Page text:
Buying-Why is A Home Inspection Necessary?

Nef Cortez
 


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Buying a home usually is the largest single investment you will ever make and you have to be able to cut through the sales hype and real estate terminology to know if the home you are considering is worth the investment. To minimize unpleasant surprises and unexpected difficulties, you’ll want to learn as much as you can about the newly constructed or existing house before you buy it and a buyer typically gets that information with a home inspection.

A home inspection is an objective visual examination of the physical structure and systems of a house, from the roof to the foundation and detailed in an inspector’s report. The standard home inspector’s report will cover the condition of the home’s heating system; central air conditioning system interior plumbing and electrical systems; the roof, attic and visible insulation; walls, ceilings, floors, windows and doors; the foundation, basement and all major structural components.

Home inspections are as applicable to newly constructed homes as they would be to an existing one, as a home inspection may identify the need for major repairs or builder oversights or shoddy workmanship, as well as the need for maintenance to keep the house in good shape. After the inspection is completed, you will know more about the house you are interested in buying, which will allow you to make a purchasing decision with confidence.

Typically, a home inspector is contacted immediately after the contract or purchase agreement has been signed. However, before you sign, be sure there is an inspection clause in the sales contract, making your final purchase obligation contingent on the findings of a professional home inspection. This clause should specify the terms and conditions to which both the buyer and seller are obligated.

The inspection fee for a typical one-family house varies geographically throughout the United States and very often varies depending on a number of factors such as the size of the house, its age and possible optional services such as septic, well or radon testing if it is required in the local real estate market and by state law. The typical home inspection price range in Southern California is between $200 to $450 depending on the size of the house and amount of detail required in the report.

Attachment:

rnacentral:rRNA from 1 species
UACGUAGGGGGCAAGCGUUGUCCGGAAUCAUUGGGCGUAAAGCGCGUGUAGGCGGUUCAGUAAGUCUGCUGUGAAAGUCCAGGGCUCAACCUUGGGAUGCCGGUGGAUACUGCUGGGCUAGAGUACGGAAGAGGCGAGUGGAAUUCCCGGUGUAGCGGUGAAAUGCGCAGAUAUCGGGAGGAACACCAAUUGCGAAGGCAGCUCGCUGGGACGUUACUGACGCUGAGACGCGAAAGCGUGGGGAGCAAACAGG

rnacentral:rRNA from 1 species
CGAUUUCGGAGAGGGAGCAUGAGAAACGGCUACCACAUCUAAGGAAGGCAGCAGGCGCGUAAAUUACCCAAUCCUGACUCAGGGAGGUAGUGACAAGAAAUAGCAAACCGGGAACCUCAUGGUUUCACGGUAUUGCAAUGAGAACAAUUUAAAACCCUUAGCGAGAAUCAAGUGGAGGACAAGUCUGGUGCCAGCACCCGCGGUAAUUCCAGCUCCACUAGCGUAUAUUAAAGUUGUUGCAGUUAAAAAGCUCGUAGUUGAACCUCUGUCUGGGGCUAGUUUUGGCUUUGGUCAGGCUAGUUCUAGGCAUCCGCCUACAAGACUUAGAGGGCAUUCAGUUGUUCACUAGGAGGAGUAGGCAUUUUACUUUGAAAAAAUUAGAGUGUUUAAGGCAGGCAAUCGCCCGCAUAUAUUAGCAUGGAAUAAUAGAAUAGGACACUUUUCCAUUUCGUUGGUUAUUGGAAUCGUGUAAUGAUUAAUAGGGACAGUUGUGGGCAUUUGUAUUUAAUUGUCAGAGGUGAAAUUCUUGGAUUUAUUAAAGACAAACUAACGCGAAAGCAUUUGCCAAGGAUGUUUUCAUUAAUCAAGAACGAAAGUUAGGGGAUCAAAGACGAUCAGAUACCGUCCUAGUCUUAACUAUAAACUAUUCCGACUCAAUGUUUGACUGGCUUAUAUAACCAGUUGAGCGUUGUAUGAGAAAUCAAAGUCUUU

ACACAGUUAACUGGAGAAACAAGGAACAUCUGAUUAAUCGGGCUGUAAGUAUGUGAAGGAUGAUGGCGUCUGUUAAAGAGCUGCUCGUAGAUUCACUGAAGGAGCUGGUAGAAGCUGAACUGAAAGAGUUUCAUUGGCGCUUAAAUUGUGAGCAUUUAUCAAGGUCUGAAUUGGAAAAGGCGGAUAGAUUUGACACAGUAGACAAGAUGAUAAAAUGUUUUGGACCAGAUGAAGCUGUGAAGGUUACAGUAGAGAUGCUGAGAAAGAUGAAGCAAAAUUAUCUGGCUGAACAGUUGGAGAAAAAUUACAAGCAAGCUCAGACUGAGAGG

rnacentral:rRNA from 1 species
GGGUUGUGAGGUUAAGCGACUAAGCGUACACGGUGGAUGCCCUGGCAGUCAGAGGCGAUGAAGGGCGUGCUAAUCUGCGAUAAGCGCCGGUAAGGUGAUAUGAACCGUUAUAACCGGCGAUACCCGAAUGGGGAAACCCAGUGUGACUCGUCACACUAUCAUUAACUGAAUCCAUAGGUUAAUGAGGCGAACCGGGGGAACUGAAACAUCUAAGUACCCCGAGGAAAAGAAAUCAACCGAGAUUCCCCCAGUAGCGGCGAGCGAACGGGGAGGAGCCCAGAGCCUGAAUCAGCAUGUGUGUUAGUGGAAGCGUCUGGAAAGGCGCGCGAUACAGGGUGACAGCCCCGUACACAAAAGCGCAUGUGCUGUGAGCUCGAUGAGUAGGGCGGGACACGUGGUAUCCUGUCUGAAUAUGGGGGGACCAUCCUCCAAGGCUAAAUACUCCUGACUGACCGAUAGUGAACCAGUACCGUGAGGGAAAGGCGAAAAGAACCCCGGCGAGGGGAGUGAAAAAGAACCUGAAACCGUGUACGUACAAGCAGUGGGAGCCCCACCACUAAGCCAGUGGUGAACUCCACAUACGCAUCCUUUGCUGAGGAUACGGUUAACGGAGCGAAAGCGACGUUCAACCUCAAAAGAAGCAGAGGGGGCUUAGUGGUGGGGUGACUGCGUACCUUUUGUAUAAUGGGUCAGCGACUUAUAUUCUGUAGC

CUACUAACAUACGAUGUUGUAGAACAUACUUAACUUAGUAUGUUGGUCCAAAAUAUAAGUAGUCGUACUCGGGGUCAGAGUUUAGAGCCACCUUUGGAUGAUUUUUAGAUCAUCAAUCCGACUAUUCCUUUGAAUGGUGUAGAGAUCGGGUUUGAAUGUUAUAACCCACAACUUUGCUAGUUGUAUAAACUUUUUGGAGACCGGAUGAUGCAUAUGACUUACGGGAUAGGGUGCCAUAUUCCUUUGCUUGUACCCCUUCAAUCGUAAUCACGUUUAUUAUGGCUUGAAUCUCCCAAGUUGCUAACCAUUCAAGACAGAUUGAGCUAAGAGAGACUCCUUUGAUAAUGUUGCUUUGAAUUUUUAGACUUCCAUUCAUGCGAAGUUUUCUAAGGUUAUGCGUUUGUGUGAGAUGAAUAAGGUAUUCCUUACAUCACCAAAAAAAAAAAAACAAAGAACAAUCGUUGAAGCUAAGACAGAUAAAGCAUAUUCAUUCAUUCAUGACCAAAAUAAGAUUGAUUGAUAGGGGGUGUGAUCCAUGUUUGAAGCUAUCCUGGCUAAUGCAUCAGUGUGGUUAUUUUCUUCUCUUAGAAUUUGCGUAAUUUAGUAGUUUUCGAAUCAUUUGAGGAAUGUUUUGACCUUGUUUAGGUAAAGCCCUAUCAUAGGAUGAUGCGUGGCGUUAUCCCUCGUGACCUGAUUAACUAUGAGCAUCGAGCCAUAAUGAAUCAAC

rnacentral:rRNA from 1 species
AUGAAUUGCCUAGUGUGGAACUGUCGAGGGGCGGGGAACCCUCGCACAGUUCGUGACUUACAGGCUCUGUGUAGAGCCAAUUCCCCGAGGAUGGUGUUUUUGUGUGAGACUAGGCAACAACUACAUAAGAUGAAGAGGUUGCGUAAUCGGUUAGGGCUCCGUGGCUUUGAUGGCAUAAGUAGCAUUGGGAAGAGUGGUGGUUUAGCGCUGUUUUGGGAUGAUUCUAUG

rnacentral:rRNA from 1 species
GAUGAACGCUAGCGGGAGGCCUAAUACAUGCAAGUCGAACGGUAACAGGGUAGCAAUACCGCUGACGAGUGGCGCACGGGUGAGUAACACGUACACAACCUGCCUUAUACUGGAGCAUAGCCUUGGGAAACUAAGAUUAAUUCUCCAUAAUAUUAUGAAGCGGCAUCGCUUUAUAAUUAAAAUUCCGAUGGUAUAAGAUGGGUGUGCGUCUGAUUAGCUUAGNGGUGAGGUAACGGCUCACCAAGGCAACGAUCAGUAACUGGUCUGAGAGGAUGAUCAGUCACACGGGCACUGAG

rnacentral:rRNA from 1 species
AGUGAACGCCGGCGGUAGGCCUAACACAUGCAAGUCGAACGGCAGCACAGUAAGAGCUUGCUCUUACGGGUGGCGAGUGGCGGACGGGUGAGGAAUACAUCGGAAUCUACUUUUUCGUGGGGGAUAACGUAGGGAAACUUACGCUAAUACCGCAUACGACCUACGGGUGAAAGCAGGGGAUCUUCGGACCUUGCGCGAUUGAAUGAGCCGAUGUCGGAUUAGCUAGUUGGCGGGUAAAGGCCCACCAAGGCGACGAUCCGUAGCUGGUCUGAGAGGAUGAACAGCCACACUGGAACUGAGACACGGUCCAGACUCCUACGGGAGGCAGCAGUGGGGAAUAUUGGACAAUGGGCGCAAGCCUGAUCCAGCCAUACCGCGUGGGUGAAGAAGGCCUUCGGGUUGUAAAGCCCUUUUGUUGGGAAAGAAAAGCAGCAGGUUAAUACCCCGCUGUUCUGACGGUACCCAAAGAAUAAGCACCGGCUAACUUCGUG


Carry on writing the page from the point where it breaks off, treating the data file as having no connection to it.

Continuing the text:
However, do not let cost be a factor in deciding whether or not to have a home inspection or in the selection of your home inspector. An inspector’s fee is usually nominal when you compare it to the amount of potential financial outlay for major repairs you potentially would have had to shell out after you had purchased the home. The sense of security and knowledge gained from the home inspection is well worth the cost, so be wary of hiring an inspector based solely on price as the lowest-priced inspection is not necessarily a bargain. Use the inspector’s qualifications, including his experience, training, compliance with your state’s regulations, if any, and professional affiliations as a guide.

And what should you do if the home inspection finds problems? If the inspector identifies problems, it doesn’t mean you should or shouldn’t buy the house, only that you will know in advance what to expect and whether some of the items found can be negotiated with the seller. If your budget is tight, or if you don’t want to become involved in future repair work, this information will be important to you as to whether you will go forward with the purchase of the home. Furthermore, if major problems are found, a seller may agree to make repairs and or adjust the final sale price of the house to reflect the repairs needed.

However, even if the home inspection doesn’t find any major problems, other than general wear and tear, a homeowner will know for certain and have the security that his or her home purchase was a worthwhile one!

Nef Cortez has been a licensed real estate broker and has held various positions in the real estate and mortgage industry for over 25 years. If you would like to read more of Nef's timely advice (with the latest FREE info on local foreclosures), visit his website at Chino Hills CA Real Estate or read his blog at A Slice of So Cal Real Estate

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